Step 7: Bending the silicone circuit

. It was interesting to note that the silicone could be bent to almost 360 degrees on either side.
. While bending the silicone circuit, the LEDs inside, continued to stay lit.
. The silicone circuit was hand-washed several times.
. After each washing and drying, it was tested by connecting to the power supply.
. Amazingly, the circuit lit up.
. The sample was further washed two more times and the results were all the same.
. All LEDs lit up opening a wider scope for more experiments.
Im in California, USA, does anyone know a good place to pick up raw silicone like this? it makes me want to run some tests of my own. Is there anything you could add to the silicone mix to reflect or amplify the led brightness? Great work!
<strong>BrahmDanger</strong>- I don't know about &quot;raw&quot; silocone, but I like to use GE type II waterproof silicone for projects. You may find it in a better hardware store. I did not find this specific version in a smaller hardware store, but the people with the orange aprons had it on a huge wall of &quot;goop&quot; at the paint department.<br> <br> Warning: I have not tested the conductivity, I just like the way the Clear Type II dries into a soft and flexible mass.
This is cool but I have a couple questions. <br>1) Where can one get conductive thread?<br>2) What kind of batteries and how many would this circuit take?
Hi there, <br><br>please visit the following site, you may buy your thread from there.<br><br>http://www.mindsetsonline.co.uk/index.php?cPath=418_464<br><br>Also you may use 2 AA batteries to power up the LEDs (3V).<br><br>Thanks and have a nice day.<br><br>asvin.b<br>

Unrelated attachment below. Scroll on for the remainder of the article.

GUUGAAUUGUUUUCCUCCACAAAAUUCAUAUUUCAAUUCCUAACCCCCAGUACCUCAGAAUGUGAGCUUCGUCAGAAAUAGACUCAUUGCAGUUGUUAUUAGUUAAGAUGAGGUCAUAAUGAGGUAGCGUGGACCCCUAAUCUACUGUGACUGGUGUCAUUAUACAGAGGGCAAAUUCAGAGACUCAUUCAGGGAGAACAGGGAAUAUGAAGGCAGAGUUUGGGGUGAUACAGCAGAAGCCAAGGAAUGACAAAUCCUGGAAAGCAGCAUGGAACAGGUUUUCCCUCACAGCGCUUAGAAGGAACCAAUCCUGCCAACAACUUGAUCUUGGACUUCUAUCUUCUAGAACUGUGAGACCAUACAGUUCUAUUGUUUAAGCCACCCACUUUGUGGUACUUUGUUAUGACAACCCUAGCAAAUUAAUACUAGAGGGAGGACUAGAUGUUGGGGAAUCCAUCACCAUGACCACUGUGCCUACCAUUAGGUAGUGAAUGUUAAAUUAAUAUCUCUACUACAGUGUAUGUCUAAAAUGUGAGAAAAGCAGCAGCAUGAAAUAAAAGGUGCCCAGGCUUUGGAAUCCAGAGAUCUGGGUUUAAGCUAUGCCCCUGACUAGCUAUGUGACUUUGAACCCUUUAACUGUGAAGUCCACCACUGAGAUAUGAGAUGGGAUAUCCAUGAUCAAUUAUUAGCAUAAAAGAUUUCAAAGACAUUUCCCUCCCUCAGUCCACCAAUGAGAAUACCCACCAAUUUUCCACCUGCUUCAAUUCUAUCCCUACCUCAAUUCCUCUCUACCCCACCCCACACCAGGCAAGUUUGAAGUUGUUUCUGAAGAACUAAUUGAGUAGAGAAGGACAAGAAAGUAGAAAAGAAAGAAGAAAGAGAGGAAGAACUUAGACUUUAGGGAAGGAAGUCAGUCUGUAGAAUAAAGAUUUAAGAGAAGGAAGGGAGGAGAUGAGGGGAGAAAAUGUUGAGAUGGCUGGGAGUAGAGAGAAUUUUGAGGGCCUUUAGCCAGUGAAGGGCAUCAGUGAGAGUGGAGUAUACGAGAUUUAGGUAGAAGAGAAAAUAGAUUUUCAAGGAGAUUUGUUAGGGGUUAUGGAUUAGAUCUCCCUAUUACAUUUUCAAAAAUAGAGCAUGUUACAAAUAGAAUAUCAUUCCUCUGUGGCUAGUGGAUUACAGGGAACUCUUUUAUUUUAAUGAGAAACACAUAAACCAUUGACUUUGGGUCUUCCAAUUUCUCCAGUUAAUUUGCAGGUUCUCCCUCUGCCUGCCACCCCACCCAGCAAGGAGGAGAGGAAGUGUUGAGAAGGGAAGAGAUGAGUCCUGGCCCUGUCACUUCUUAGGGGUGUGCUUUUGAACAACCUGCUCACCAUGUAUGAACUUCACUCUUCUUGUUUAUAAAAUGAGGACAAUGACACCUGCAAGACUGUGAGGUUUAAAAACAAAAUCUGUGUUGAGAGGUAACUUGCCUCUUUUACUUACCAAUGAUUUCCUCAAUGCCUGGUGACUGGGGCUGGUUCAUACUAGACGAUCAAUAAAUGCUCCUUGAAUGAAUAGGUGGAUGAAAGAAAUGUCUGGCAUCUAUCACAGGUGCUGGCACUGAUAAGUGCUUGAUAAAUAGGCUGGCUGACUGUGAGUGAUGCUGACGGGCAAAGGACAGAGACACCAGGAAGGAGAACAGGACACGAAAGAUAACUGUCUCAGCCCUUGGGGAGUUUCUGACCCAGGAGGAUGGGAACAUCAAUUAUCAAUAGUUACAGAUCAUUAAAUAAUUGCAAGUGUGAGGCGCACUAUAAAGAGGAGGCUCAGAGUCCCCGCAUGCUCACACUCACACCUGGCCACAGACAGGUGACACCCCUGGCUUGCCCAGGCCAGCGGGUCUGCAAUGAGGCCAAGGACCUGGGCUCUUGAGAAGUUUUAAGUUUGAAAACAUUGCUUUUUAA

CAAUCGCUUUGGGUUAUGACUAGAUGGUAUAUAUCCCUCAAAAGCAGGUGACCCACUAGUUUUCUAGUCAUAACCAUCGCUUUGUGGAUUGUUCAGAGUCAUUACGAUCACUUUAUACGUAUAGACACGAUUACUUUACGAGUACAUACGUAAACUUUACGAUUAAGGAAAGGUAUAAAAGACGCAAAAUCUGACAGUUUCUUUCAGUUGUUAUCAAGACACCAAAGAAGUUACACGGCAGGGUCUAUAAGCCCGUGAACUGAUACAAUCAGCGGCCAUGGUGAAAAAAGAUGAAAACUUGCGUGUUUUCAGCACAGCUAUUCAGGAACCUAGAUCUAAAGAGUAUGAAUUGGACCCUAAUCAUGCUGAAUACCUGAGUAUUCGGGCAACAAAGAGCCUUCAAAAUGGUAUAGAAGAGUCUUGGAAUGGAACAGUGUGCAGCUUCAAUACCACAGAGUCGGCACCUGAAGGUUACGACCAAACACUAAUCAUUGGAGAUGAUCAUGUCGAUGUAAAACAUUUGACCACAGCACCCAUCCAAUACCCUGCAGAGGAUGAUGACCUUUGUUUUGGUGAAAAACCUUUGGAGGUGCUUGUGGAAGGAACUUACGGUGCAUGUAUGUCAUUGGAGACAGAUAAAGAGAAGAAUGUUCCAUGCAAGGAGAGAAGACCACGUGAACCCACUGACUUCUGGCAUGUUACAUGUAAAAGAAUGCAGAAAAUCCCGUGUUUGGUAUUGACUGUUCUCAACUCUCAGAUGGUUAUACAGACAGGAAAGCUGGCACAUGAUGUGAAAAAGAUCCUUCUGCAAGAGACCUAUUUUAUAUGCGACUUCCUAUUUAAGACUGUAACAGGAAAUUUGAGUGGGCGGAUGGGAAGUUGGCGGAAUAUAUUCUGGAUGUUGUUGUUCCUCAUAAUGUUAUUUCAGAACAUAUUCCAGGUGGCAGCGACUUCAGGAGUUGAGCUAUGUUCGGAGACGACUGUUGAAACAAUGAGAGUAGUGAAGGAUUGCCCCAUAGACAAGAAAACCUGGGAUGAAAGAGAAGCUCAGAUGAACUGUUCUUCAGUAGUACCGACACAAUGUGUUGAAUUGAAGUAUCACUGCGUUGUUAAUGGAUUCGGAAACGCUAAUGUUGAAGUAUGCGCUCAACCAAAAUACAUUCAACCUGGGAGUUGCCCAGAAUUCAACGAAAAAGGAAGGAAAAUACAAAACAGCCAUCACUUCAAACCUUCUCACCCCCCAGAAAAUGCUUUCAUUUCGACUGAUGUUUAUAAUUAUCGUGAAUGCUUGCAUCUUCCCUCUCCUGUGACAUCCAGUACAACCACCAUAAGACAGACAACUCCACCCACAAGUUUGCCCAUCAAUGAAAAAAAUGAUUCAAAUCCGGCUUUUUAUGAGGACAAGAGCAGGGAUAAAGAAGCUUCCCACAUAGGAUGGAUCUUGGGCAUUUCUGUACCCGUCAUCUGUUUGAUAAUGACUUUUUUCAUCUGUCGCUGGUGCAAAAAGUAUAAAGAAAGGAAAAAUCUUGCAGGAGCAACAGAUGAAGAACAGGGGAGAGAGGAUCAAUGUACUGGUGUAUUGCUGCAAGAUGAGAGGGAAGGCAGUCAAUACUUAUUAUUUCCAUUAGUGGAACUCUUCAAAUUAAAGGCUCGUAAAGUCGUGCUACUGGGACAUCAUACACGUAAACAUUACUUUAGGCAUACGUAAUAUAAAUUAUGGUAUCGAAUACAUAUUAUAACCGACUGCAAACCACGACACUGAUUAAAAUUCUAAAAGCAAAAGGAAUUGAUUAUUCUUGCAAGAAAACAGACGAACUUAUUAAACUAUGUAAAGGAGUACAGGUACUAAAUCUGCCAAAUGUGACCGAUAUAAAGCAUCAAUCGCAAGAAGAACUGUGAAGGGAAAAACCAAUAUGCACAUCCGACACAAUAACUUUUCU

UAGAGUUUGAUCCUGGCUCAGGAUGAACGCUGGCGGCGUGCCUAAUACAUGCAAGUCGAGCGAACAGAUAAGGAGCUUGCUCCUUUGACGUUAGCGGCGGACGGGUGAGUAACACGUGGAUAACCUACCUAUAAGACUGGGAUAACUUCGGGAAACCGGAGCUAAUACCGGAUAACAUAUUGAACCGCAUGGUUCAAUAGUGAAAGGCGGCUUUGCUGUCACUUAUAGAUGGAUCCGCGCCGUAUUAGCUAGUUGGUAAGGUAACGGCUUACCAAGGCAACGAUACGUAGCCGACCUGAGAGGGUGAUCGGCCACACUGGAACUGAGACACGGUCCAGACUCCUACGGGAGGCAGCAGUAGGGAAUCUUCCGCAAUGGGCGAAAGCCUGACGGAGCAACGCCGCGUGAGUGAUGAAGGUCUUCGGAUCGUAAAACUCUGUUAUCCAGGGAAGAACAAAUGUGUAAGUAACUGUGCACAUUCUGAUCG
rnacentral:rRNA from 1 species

Love this. Trying to come up with ways/places to use it and my mind is spinning. Thanks<br><br>The only thing slowing me down is the lack of local availability for iwde ranging electronics components - thank goodness for the internet :-)
Excellent; loving it!
faster way of making same effect is using hot glue gun... i did same thing when isolating led's for using them underwater... same can be applied for all electronics + it wont get dirty or broken if u make something urself =)
Hi there, <br>the problem with hot glue from glue gun is that it dries up very quickly and you have to work fast. i have tried melting glue stick in a container, but it took too long and it dries up very quickly as mentioned before. it will work if you apply it on individual LEDs but difficult to use on a whole circuit. with the silicone, you can get an even and regular surface.
I've been told that hot glue has nontrivial conductivity, that is putting gobs of glue on two terminals is equivalent to adding a 1 Mohm resistor. I've been advised to use liquid electrical tape as a result.
Hi there, <br> <br>thanks for the comments. i am actually doing some more reseach on the silicone circuit and i have been able to reduce the thickness further (2mm) by using smaller LEDs. i am now trying to implement the silicone circuit in garments in the form of a raised print. <br> <br>cheers and have a nice day.... <br> <br>asvin.b <br>
Great testing. Wouldn't this be a soft circuit entry? I would love to see someone test to see if you can &quot;sense&quot; a touch a a certain point to make this an interactive software layer! <br><br>Again - good idea, good test, and good write up.

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